Zero trust security is not a new concept, however it has gained popularity in recent years. As companies become increasingly distributed, they must offer network access that’s flexible, without putting sensitive data at risk. This is where zero trust security comes in.
In this post, we’ll cover 4 critical things you should know about zero trust security, such as what it is, why companies use it, how it works, and more.
What is Zero Trust Security?
Zero trust security can be boiled down to a simple concept: always verify every user and device trying to access the network.
Traditional networking safeguards are based on the castle-and-moat architecture. This means that all users and devices within the network are deemed trustworthy and can access the resources they need. Those outside of the network (or moat) must be verified and trusted before gaining access to the network. One of the glaring problems with this approach is that it doesn’t consider the possibility of attacks coming from a trusted user/device within the network. This means that an attacker simply needs to hack into the network, and then there are few (if any) obstacles remaining in their way.
Zero trust reimagines security with the concept that organizations should not automatically trust anyone/anything trying to connect to their network. Instead, they should verify everyone and everything that tries to connect, including users/devices outside and inside of its perimeter. In other words, trust no one.
Where Did Zero Trust Security Come From?
The zero trust concept was first prototyped in the early 2000s. In 2010, John Kindervag coined the term ‘zero trust’ for the concept, and its adoption by Google a few years later increased the industry’s interest in the zero trust model.
This new security architecture came from the realization that the traditional castle-and-moat configuration was becoming increasingly vulnerable. Years ago, a typical organization’s data and sensitive information were kept in a central location. This made the network and its resources easy to protect, and also easy for IT staff to monitor for threats and address attacks.
Now, organizations are adopting technologies that offer greater networking capabilities for distributed access. These technologies include public and private clouds, third-party services, virtualized SD-WAN & firewall solutions, and more. Securing an entire network means putting in place multiple safeguards. The traditional architecture is now being replaced by the more robust yet nimble security setup of zero trust.
Why Are Companies Using Zero Trust Security?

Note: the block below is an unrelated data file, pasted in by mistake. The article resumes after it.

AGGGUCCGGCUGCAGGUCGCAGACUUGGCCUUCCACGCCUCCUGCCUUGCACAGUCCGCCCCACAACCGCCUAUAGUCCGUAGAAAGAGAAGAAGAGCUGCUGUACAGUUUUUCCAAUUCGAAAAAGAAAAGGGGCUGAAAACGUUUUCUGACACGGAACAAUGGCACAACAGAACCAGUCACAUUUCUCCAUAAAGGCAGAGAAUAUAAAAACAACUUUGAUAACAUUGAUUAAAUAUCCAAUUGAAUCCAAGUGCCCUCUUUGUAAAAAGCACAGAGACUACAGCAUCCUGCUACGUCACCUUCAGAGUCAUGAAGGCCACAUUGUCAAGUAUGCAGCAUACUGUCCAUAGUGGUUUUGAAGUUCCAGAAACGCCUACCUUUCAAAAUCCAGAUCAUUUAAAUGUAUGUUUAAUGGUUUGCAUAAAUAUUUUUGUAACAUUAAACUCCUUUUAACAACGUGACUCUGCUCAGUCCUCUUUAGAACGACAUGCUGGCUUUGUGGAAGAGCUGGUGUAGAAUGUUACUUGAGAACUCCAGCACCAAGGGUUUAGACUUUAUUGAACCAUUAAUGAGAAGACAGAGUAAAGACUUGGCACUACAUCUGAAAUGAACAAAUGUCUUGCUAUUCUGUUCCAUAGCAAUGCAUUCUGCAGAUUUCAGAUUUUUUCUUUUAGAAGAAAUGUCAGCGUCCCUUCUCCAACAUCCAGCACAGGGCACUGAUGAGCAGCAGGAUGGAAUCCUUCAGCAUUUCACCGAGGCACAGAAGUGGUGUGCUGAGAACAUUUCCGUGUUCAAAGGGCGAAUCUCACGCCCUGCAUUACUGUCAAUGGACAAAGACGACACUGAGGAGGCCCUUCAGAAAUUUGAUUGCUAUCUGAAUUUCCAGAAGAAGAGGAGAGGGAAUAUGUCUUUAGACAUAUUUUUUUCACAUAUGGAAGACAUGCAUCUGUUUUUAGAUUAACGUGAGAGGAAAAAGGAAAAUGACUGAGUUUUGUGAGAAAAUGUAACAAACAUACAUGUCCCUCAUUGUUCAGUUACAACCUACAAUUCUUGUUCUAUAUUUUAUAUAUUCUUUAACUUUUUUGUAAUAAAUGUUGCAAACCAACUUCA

One of the canonical goals of networking is to allow information to flow between computers, people, and organizations. Yet with information becoming more and more decentralized and relayed through various channels, risk is on the rise. And because traditional security architectures simply can’t provide omnipresent protection for data and communications, zero trust security is being adopted by organizations across the globe.
A major benefit of zero trust is that it provides hardened security, regardless of how distributed the network is. Whether a company serves a single contained network, or hundreds of branch locations distributed around the world, zero trust security offers peace of mind for every interaction. This means more thorough protection from outside and inside threats, because verification is needed — always.
This complements Secure Access Service Edge and SD-Perimeter implementations (more on those below), which companies use to offer more flexible networking and define least-privilege access rights. Used in conjunction with these configurations, zero trust security also eliminates the need for companies to backhaul traffic through their main security controls. This translates to fewer slowdowns and more availability, so companies can meet their business goals without their networks holding them back.
Real-world examples include scaling, working from home, and even securing data at HQ.
How Does Zero Trust Security Work?
Zero trust security assumes that threats can come from anywhere, including from inside the organization. The big takeaway, however, is that zero trust is not a single new tool or technology. Instead, it uses a combination of existing tech and methodologies such as micro-segmentation, multi-factor authentication, and least-privilege access.
A zero trust model works by segmenting parts of the network into small sections, each with their own security controls. In order to gain access to a segment, a user must verify their identity using multi-factor authentication (MFA). Once a user is verified, least-privilege access means they can use only the resources they need to perform their job. This is essentially a perimeter around what the user is allowed to access.
Here’s a basic example: One segment contains SD-WAN and firewall controls. If Ryan is an admin responsible for SD-WAN management, and Priya is an admin responsible for firewall management, the company must define these perimeters respectively. Then, Ryan can be verified and granted access only to the SD-WAN tools, while Priya can be verified and granted access only to the firewall tools. If either user tries to gain access outside of their perimeter, they will be denied by their company’s zero trust security measures.
Though it’s not a quick fix or turnkey solution, zero trust is transforming the ways organizations secure their networks. What’s more, the market is expanding with new solutions that offer increased granular control over access, using technologies like IP tracking, geo-fencing, and others. And using an open platform like Nodegrid, the possibilities are endless for organizations wishing to evolve their security and block threats from across the globe.
Check out ZPE Systems’ full list of security partners that can help you achieve a zero trust model.